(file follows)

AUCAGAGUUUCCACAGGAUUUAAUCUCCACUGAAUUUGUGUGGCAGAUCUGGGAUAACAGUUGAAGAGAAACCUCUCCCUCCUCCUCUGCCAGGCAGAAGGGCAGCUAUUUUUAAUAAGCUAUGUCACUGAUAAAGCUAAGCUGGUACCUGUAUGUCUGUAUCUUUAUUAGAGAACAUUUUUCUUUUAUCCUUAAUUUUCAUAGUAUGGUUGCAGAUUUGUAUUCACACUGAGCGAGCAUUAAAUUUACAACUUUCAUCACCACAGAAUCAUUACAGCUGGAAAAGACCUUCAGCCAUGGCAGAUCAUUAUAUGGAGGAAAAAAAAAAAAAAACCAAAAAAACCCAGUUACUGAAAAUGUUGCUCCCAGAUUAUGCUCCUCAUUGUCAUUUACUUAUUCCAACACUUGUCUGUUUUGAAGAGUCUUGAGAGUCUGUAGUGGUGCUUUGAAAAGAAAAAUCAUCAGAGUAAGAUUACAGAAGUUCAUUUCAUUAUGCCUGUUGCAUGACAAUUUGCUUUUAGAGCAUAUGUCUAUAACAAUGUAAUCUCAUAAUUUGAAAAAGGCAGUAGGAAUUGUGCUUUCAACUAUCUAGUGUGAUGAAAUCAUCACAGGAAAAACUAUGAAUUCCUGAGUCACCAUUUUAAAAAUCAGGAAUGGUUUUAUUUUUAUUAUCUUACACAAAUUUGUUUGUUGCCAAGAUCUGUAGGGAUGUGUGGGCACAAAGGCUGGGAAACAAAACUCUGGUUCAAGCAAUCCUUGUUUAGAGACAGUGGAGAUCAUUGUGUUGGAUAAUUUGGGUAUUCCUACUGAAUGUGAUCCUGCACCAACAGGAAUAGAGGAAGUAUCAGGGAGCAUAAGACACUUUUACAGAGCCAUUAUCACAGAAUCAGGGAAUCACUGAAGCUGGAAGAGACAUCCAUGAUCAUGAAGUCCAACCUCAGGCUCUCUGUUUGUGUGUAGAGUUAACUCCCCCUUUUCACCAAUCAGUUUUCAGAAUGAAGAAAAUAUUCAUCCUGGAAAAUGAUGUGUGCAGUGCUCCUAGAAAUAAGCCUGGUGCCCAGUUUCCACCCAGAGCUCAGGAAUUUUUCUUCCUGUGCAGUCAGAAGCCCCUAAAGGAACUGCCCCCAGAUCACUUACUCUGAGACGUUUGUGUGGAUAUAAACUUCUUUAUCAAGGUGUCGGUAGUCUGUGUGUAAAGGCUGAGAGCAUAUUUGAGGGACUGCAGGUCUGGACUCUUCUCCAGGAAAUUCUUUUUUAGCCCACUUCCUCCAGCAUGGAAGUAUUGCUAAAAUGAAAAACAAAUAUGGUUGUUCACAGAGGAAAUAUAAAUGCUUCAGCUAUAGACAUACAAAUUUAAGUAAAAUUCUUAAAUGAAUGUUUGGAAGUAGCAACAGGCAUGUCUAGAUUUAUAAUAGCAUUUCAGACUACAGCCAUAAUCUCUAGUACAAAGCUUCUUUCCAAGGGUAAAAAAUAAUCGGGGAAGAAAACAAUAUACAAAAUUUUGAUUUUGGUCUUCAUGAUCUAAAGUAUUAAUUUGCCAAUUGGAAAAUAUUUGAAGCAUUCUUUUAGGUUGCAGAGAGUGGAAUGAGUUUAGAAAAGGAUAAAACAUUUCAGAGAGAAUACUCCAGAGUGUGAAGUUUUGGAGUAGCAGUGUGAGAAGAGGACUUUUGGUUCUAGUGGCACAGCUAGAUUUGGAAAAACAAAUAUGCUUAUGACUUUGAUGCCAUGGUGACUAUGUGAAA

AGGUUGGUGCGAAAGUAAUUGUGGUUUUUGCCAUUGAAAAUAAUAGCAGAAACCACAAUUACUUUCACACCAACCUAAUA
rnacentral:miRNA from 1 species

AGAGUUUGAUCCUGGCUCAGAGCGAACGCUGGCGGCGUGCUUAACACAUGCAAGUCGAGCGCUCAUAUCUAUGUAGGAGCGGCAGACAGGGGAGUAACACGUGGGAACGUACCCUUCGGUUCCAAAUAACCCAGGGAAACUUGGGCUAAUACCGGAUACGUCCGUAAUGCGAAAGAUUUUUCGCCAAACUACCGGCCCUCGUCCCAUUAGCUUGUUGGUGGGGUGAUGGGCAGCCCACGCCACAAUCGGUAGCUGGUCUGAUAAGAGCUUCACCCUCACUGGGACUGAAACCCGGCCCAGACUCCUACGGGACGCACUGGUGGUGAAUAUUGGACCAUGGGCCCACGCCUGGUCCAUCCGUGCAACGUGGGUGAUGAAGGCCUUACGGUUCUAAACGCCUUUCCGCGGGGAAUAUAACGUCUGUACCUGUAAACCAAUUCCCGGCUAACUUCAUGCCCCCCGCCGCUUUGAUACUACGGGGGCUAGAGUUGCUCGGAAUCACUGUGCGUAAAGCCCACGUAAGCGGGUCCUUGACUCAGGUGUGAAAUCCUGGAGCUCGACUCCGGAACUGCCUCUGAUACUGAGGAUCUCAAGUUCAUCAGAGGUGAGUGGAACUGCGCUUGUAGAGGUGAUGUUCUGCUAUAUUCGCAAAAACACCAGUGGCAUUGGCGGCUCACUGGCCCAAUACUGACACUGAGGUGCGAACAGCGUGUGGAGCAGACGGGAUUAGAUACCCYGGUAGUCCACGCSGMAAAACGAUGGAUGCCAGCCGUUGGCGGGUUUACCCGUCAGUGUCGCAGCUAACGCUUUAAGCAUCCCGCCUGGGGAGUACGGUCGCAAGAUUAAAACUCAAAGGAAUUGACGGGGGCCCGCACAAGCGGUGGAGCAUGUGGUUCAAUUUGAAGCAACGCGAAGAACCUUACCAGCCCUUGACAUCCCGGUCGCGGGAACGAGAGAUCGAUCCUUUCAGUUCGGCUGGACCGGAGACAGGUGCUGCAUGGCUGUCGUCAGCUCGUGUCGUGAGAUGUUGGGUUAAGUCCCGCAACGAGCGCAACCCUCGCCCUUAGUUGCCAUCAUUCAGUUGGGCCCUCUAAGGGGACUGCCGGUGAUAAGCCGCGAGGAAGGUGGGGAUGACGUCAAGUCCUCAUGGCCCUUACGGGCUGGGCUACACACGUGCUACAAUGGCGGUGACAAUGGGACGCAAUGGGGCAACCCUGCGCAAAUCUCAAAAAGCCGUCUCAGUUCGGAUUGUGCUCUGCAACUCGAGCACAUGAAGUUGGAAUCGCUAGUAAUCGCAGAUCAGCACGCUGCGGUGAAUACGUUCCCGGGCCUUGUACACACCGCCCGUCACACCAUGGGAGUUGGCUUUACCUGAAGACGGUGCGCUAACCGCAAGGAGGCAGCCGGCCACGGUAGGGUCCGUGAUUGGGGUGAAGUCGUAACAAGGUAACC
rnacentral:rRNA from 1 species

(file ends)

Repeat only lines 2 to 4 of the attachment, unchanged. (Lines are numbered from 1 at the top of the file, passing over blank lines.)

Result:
AGGUUGGUGCGAAAGUAAUUGUGGUUUUUGCCAUUGAAAAUAAUAGCAGAAACCACAAUUACUUUCACACCAACCUAAUA
rnacentral:miRNA from 1 species

AGAGUUUGAUCCUGGCUCAGAGCGAACGCUGGCGGCGUGCUUAACACAUGCAAGUCGAGCGCUCAUAUCUAUGUAGGAGCGGCAGACAGGGGAGUAACACGUGGGAACGUACCCUUCGGUUCCAAAUAACCCAGGGAAACUUGGGCUAAUACCGGAUACGUCCGUAAUGCGAAAGAUUUUUCGCCAAACUACCGGCCCUCGUCCCAUUAGCUUGUUGGUGGGGUGAUGGGCAGCCCACGCCACAAUCGGUAGCUGGUCUGAUAAGAGCUUCACCCUCACUGGGACUGAAACCCGGCCCAGACUCCUACGGGACGCACUGGUGGUGAAUAUUGGACCAUGGGCCCACGCCUGGUCCAUCCGUGCAACGUGGGUGAUGAAGGCCUUACGGUUCUAAACGCCUUUCCGCGGGGAAUAUAACGUCUGUACCUGUAAACCAAUUCCCGGCUAACUUCAUGCCCCCCGCCGCUUUGAUACUACGGGGGCUAGAGUUGCUCGGAAUCACUGUGCGUAAAGCCCACGUAAGCGGGUCCUUGACUCAGGUGUGAAAUCCUGGAGCUCGACUCCGGAACUGCCUCUGAUACUGAGGAUCUCAAGUUCAUCAGAGGUGAGUGGAACUGCGCUUGUAGAGGUGAUGUUCUGCUAUAUUCGCAAAAACACCAGUGGCAUUGGCGGCUCACUGGCCCAAUACUGACACUGAGGUGCGAACAGCGUGUGGAGCAGACGGGAUUAGAUACCCYGGUAGUCCACGCSGMAAAACGAUGGAUGCCAGCCGUUGGCGGGUUUACCCGUCAGUGUCGCAGCUAACGCUUUAAGCAUCCCGCCUGGGGAGUACGGUCGCAAGAUUAAAACUCAAAGGAAUUGACGGGGGCCCGCACAAGCGGUGGAGCAUGUGGUUCAAUUUGAAGCAACGCGAAGAACCUUACCAGCCCUUGACAUCCCGGUCGCGGGAACGAGAGAUCGAUCCUUUCAGUUCGGCUGGACCGGAGACAGGUGCUGCAUGGCUGUCGUCAGCUCGUGUCGUGAGAUGUUGGGUUAAGUCCCGCAACGAGCGCAACCCUCGCCCUUAGUUGCCAUCAUUCAGUUGGGCCCUCUAAGGGGACUGCCGGUGAUAAGCCGCGAGGAAGGUGGGGAUGACGUCAAGUCCUCAUGGCCCUUACGGGCUGGGCUACACACGUGCUACAAUGGCGGUGACAAUGGGACGCAAUGGGGCAACCCUGCGCAAAUCUCAAAAAGCCGUCUCAGUUCGGAUUGUGCUCUGCAACUCGAGCACAUGAAGUUGGAAUCGCUAGUAAUCGCAGAUCAGCACGCUGCGGUGAAUACGUUCCCGGGCCUUGUACACACCGCCCGUCACACCAUGGGAGUUGGCUUUACCUGAAGACGGUGCGCUAACCGCAAGGAGGCAGCCGGCCACGGUAGGGUCCGUGAUUGGGGUGAAGUCGUAACAAGGUAACC